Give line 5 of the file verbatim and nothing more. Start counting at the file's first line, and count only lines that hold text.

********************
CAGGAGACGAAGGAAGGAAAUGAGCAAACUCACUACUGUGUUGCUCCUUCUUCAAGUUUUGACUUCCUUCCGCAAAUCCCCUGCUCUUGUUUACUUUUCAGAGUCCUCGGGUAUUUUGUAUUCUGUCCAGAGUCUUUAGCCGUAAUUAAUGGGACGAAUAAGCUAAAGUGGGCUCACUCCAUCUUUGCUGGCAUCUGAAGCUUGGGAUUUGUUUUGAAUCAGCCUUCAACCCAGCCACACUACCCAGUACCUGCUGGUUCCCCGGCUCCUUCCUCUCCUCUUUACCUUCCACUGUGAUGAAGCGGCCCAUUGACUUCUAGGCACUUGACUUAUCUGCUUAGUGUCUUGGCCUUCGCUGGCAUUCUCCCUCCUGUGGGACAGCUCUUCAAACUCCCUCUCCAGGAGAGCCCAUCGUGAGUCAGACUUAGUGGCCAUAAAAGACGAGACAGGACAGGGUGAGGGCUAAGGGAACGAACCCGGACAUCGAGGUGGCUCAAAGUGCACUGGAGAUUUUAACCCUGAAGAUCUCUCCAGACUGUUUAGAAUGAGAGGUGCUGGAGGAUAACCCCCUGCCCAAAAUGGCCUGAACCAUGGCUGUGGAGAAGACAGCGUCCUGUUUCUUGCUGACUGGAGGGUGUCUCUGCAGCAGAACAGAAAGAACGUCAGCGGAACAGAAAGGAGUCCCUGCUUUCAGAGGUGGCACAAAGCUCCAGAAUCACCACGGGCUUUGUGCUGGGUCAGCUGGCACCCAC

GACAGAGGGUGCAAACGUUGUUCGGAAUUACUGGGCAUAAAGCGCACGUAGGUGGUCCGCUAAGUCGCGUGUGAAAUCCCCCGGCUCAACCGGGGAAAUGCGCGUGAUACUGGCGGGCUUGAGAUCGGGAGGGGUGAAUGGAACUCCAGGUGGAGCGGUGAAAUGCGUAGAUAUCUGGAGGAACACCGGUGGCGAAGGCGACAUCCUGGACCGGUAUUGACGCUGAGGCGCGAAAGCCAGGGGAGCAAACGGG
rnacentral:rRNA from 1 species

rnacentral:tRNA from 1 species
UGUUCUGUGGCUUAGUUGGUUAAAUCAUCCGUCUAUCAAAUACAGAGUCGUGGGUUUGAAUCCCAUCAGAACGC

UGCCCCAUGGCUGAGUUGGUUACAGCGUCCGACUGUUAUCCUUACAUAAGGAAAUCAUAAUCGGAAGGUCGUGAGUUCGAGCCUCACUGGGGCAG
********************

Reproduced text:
UGUUCUGUGGCUUAGUUGGUUAAAUCAUCCGUCUAUCAAAUACAGAGUCGUGGGUUUGAAUCCCAUCAGAACGC